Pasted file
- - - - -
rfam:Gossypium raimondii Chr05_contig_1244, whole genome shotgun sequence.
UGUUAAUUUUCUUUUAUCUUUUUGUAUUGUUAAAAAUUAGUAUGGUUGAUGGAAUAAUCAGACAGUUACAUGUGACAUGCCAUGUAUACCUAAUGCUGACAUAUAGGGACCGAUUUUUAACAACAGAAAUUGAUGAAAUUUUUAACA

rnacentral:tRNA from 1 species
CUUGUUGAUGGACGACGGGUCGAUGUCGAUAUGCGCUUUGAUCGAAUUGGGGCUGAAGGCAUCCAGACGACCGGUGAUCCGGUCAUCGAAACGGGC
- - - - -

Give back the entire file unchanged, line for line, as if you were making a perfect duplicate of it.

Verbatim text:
rfam:Gossypium raimondii Chr05_contig_1244, whole genome shotgun sequence.
UGUUAAUUUUCUUUUAUCUUUUUGUAUUGUUAAAAAUUAGUAUGGUUGAUGGAAUAAUCAGACAGUUACAUGUGACAUGCCAUGUAUACCUAAUGCUGACAUAUAGGGACCGAUUUUUAACAACAGAAAUUGAUGAAAUUUUUAACA

rnacentral:tRNA from 1 species
CUUGUUGAUGGACGACGGGUCGAUGUCGAUAUGCGCUUUGAUCGAAUUGGGGCUGAAGGCAUCCAGACGACCGGUGAUCCGGUCAUCGAAACGGGC